United States District Court, N.D. California
ORDER GRANTING DEFENDANT'S MOTION TO DISMISS FOR LACK OF PERSONAL JURISDICTION
(Docket No. 19)
EDWARD M. CHEN, District Judge.
Currently pending before the Court is Defendant Marty Schneider's motion to dismiss for lack of personal jurisdiction. Although Plaintiff Pelican Communications, Inc. filed an opposition to the motion, it failed to make an appearance at the hearing. Having considered the parties' briefs and accompanying submissions, as well as all other evidence of record, the Court hereby GRANTS Mr. Schneider's motion.
A. Legal Standard
Under Federal Rule of Civil Procedure 12(b)(2), a defendant may move to dismiss for lack of personal jurisdiction. In the instant case, Pelican does not dispute that general jurisdiction over Mr. Schneider is lacking. Rather, the dispute between the parties is whether there is specific jurisdiction over Mr. Schneider.
Under Ninth Circuit law, there is a three-prong test for specific jurisdiction.
(1) The non-resident defendant must purposefully direct his activities or consummate some transaction with the forum or resident thereof; or perform some act by which he purposefully avails himself of the privilege of conducting activities in the forum, thereby invoking the benefits and protections of its laws; (2) the claim must be one which arises out of or relates to the defendant's forum-related activities; and (3) the exercise of jurisdiction must comport with fair play and substantial justice, i.e. it must be reasonable.
Mavrix Photo, Inc. v. Brand Techs., Inc., 647 F.3d 1218, 1227-28 (9th Cir. 2011).
The plaintiff bears the burden of satisfying the first two prongs of the test. If the plaintiff fails to satisfy either of these prongs, personal jurisdiction is not established in the forum state. If the plaintiff succeeds in satisfying both of the first two prongs, the burden then shifts to the defendant to "present a compelling case" that the exercise of jurisdiction would not be reasonable.
Scwharzenegger v. Fred Martin Motor Co., 374 F.3d 797, 802 (9th Cir. 2004).
Where a defendant's motion is based on written materials only ( i.e., there is no evidentiary hearing), then a "plaintiff need only make a prima facie showing of jurisdictional facts to withstand [a] motion to dismiss." Mavrix, 647 F.3d at 1223. In evaluating whether a prima facie showing has been made, a court must take any uncontroverted allegations in the complaint as true, but it "may not assume the truth of allegations in a pleading which are contradicted by affidavit.'" Id. Thus, the Ninth Circuit has cautioned that "[t]he plaintiff cannot simply rest on the bare allegations of its complaint.'" Id. If there are factual disputes based on competing affidavits submitted by the parties, then those disputes are resolved in the plaintiff's favor. See id.; see also AT&T v. Compagnie Bruxelles Lambert, 94 F.3d 586, 588 (9th Cir. 1996) (stating that "uncontroverted allegations in [plaintiff's] complaint must be taken as true, and conflicts between the facts contained in the parties' affidavits must be resolved in [plaintiff's] favor for purposes of deciding whether a prima facie case for personal jurisdiction exists'").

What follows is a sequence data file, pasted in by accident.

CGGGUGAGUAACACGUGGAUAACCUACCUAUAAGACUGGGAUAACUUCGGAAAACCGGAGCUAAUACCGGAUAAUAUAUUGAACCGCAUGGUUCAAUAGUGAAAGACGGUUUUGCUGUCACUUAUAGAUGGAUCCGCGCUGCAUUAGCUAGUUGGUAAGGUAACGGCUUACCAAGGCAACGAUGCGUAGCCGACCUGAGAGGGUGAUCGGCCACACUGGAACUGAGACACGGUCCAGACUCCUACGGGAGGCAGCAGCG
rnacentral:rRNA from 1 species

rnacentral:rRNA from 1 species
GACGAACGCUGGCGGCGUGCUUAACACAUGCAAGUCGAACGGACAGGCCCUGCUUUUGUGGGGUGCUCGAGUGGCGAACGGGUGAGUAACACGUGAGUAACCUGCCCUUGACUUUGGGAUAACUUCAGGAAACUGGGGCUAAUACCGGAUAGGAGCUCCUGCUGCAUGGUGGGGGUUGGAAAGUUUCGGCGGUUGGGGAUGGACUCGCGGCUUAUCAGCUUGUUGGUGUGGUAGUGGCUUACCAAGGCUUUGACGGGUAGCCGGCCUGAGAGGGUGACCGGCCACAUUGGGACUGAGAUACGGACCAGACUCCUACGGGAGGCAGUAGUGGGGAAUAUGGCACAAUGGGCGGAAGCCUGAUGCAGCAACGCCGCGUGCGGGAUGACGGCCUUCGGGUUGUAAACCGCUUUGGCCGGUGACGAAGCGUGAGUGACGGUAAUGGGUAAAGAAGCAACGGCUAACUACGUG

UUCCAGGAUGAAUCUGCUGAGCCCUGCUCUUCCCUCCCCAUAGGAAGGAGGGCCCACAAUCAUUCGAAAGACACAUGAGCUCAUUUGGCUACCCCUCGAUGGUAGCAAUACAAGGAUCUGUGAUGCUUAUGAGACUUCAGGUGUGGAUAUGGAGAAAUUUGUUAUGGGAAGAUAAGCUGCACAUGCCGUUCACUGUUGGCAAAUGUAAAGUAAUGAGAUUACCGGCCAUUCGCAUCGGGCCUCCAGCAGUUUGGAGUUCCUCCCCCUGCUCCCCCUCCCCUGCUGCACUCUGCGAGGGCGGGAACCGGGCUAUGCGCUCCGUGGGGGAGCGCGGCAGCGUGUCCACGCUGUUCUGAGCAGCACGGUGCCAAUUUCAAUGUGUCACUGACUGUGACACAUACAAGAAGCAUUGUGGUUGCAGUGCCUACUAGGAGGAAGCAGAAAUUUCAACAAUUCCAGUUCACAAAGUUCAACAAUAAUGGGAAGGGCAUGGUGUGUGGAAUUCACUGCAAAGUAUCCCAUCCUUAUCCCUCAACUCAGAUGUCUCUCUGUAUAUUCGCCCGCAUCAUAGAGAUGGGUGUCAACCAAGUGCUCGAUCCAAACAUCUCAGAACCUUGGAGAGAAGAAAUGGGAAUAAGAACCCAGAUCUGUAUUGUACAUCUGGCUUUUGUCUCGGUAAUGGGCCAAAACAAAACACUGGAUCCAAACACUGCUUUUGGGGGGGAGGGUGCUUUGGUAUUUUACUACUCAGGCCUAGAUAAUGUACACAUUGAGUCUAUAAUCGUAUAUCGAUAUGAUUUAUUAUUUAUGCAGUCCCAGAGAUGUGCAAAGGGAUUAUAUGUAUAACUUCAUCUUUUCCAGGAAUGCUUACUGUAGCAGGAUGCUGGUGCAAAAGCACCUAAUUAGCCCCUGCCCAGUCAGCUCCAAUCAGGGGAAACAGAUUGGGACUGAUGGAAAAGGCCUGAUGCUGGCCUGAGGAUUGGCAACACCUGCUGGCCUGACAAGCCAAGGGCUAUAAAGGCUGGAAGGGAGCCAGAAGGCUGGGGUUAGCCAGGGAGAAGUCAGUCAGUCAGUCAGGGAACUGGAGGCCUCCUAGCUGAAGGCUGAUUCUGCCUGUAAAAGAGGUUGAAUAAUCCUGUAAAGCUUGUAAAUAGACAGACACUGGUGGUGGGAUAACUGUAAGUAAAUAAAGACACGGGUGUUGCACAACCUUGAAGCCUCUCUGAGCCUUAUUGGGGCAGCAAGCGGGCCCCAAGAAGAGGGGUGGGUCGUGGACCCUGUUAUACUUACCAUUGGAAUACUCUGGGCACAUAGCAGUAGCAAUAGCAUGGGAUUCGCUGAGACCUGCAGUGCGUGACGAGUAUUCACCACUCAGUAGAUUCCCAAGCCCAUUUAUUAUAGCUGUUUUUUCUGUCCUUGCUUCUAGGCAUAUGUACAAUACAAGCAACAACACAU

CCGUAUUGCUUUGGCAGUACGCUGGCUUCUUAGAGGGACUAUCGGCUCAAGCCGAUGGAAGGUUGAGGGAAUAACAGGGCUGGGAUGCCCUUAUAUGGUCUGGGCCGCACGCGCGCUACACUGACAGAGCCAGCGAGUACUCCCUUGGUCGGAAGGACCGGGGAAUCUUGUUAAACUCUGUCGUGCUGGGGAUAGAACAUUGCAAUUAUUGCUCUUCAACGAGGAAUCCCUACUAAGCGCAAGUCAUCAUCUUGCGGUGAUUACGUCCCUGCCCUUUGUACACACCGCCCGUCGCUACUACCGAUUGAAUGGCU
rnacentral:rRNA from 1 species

B. Breach of Contract
Whether there is personal jurisdiction over Mr. Schneider with respect to the claim for breach of contract has two components: (1) whether Pelican has made a prima facie showing that there is personal jurisdiction over TCE and (2) whether Pelican has made a prima facie showing that TCE is Mr. Schneider's alter ego. See, e.g., United States v. Swiss Am. Bank, Ltd., 274 F.3d 610, 627 (1st Cir. 2001) (taking note of government's concession that "personal jurisdiction extends to IMB only if (1) the government makes a prima facie case for jurisdiction over SAB" first and then (2) the government can establish that IMB is SAB's alter ego); Goldman v. Seawind Group Holdings Pty Ltd., No. CV 13-01759 SI, 2013 U.S. Dist. LEXIS 124052, at *8-9 (N.D. Cal. Aug. 29, 2013) (stating that, "if plaintiffs have made a prima facie showing that Ward is the alter ego of Seawind or the Corsair companies [over which personal jurisdiction was undisputed], then this Court has personal jurisdiction over him").
In his papers, Mr. Schneider focuses on the second component only. Mr. Schneider points out that he has provided evidence that TCE was not his alter ego. More specifically, in his affidavit, he states: "TCE was a functioning Georgia limited liability company and was not in any way, shape, or form my alter ego, ' as alleged in the Complaint." Schneider Aff. ¶ 9. While this is a bare bones claim not fleshed out in any detail, it is still some evidence - and Pelican has made no attempt to counter Mr. Schneider's affidavit with any evidence of its own. Had Pelican simply provided its own affidavit or declaration disputing Mr. Schneider's affidavit, then the Court would be presented with a factual dispute which it would have to resolve (at this stage in the proceedings) in Pelican's favor. Pelican's failure to provide any evidence, though, is its undoing. Without any counter-evidence at all, the Court cannot ...